1997-1998 indexDistributed July 3, 1997
Support from National Endowment for the Humanities
Women Writers Project receives grant to prepare pre-Victorian works
The Women Writers Project has received a $190,000 grant from the National Endowment for the Humanities to collect, encode and disseminate via the Internet printed books written in English by women before 1830. The authors of the 50 texts include working-class women, colonial women and women of color.
PROVIDENCE, R.I. -- The Brown University Women Writers Project (WWP) has received a $190,000 grant from the National Endowment for the Humanities (NEH) for a project, "A Textbase of Pre-Victorian Women's Writing in English." The award supports two years' worth of collecting, encoding and disseminating printed books in English written by women before 1830. An additional $50,000 is available to the project through a matching requirement, which already has been pledged by an anonymous donor to Brown.
"We are very pleased to have continued support from the NEH," said Carol DeBoer-Langworthy, director of the WWP and co-principal investigator on the project with Professor Susanne Woods of Franklin and Marshall College, Lancaster, Pa. "Especially as we learned that the WWP's proposal was one of 71 funded from a pool of 226 applications received by the NEH's Division of Preservation and Access in this round, we are grateful to be deemed worthy of continued support."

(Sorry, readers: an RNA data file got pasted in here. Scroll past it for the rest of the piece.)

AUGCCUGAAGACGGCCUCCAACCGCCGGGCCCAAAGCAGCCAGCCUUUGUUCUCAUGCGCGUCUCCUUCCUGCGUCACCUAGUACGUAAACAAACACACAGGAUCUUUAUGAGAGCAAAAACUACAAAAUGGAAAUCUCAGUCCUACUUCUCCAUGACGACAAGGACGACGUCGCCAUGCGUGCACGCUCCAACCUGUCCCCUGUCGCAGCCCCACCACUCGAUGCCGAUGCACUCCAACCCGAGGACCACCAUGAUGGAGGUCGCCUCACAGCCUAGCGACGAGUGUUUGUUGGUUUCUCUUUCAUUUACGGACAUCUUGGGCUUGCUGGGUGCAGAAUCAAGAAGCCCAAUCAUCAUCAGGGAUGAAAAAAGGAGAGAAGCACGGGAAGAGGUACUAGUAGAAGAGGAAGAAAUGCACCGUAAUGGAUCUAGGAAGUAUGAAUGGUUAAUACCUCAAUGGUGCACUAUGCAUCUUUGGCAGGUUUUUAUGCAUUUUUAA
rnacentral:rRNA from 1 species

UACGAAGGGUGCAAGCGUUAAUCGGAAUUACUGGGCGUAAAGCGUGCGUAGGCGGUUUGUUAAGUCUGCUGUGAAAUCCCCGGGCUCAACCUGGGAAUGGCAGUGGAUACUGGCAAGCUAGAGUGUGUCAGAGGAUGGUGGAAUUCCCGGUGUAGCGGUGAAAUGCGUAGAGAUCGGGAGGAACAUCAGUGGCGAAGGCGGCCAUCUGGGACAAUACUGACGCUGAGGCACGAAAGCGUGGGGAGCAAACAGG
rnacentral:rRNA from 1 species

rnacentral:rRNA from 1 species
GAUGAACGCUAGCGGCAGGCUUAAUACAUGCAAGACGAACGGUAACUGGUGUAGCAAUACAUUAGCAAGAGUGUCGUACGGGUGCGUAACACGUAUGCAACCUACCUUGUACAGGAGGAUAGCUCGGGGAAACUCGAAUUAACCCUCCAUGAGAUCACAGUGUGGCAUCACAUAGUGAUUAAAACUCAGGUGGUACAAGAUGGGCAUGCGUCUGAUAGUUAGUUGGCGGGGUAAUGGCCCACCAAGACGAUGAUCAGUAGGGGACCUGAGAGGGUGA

"We are particularly glad to have the support of a generous donor" for the NEH matching requirement, said Woods. "This support demonstrates the growing understanding of the public for the need to preserve and present women's writings in the curriculum."
Over the coming two years, the WWP will add 50 new texts to its textbase of early women's writing to bring the total of encoded texts to 300. The textbase at this stage will include a wide range of genres by English-speaking authors from a variety of backgrounds, including working-class women, colonial women and women of color. At the project's conclusion in June 1999, 300 texts will be licensed for sale over the Internet.
Created in 1986 as a project and funded by NEH as an electronic archive in 1988, the Women Writers Project pioneered the use of Standard Generalized Markup Language (SGML) to create a versatile and long-lived scholarly resource. The WWP textbase currently contains nearly 250 encoded texts of all genres, including poems, sermons, prayers, prose, drama and letters.######